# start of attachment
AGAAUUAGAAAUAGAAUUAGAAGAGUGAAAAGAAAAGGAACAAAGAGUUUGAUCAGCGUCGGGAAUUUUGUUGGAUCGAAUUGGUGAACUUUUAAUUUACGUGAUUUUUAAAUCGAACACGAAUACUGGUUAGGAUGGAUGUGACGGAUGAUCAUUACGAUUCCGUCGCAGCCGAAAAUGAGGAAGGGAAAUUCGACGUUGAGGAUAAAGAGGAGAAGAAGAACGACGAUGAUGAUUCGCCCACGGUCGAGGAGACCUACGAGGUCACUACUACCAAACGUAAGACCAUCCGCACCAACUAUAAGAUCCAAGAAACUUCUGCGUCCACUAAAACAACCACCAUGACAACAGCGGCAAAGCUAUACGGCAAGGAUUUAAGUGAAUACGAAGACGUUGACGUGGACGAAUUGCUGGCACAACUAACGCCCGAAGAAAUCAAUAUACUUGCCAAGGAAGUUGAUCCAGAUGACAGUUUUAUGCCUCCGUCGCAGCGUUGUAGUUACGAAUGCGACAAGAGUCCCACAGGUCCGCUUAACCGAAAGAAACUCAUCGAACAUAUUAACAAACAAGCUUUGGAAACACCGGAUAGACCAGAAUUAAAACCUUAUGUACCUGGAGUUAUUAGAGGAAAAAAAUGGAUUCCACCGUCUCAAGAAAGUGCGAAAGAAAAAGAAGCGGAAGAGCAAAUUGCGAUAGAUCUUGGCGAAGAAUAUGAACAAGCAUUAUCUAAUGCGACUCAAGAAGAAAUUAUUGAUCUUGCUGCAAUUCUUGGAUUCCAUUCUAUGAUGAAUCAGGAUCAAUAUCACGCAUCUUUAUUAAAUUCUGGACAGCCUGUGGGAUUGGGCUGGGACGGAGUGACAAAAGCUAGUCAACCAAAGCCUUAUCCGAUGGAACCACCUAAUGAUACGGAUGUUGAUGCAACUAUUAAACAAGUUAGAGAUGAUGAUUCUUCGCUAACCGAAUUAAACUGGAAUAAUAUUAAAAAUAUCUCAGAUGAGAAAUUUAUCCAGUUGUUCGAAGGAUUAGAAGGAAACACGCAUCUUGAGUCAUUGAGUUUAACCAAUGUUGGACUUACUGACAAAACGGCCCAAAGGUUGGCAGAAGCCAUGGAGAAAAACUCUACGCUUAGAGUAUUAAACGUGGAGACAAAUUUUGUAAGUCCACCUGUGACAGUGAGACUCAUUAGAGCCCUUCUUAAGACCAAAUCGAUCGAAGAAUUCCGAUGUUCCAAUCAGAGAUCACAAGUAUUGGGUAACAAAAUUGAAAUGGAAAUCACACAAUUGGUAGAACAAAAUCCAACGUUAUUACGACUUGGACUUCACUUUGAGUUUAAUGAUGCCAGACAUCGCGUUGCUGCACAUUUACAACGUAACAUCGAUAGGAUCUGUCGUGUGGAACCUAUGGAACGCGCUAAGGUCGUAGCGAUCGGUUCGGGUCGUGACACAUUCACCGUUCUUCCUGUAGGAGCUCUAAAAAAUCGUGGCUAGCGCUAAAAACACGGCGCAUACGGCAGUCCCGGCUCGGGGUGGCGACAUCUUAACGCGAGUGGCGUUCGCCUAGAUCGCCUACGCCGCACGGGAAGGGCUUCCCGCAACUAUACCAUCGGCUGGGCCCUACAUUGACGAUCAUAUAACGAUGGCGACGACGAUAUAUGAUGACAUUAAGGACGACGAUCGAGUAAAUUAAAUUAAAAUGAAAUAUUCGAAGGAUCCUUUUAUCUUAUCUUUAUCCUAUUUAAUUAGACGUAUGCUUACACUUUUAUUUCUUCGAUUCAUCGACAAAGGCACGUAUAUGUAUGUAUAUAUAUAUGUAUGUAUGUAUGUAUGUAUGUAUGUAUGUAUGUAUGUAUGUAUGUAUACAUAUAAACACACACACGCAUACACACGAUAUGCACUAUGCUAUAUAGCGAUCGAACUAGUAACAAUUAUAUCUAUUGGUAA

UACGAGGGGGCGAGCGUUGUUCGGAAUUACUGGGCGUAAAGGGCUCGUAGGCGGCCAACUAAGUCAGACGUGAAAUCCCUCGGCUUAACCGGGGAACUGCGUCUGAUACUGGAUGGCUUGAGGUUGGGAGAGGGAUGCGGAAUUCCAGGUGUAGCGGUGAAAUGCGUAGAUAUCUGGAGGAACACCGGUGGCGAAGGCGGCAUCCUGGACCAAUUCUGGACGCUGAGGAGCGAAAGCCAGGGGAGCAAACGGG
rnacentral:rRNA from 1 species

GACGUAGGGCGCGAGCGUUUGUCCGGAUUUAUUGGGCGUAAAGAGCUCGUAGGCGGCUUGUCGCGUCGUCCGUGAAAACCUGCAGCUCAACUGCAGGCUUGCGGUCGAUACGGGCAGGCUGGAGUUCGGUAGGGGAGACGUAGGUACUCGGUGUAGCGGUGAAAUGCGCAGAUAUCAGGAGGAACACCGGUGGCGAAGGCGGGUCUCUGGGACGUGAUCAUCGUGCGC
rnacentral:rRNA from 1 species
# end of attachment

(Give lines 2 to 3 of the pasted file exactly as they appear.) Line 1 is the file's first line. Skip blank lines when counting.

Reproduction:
UACGAGGGGGCGAGCGUUGUUCGGAAUUACUGGGCGUAAAGGGCUCGUAGGCGGCCAACUAAGUCAGACGUGAAAUCCCUCGGCUUAACCGGGGAACUGCGUCUGAUACUGGAUGGCUUGAGGUUGGGAGAGGGAUGCGGAAUUCCAGGUGUAGCGGUGAAAUGCGUAGAUAUCUGGAGGAACACCGGUGGCGAAGGCGGCAUCCUGGACCAAUUCUGGACGCUGAGGAGCGAAAGCCAGGGGAGCAAACGGG
rnacentral:rRNA from 1 species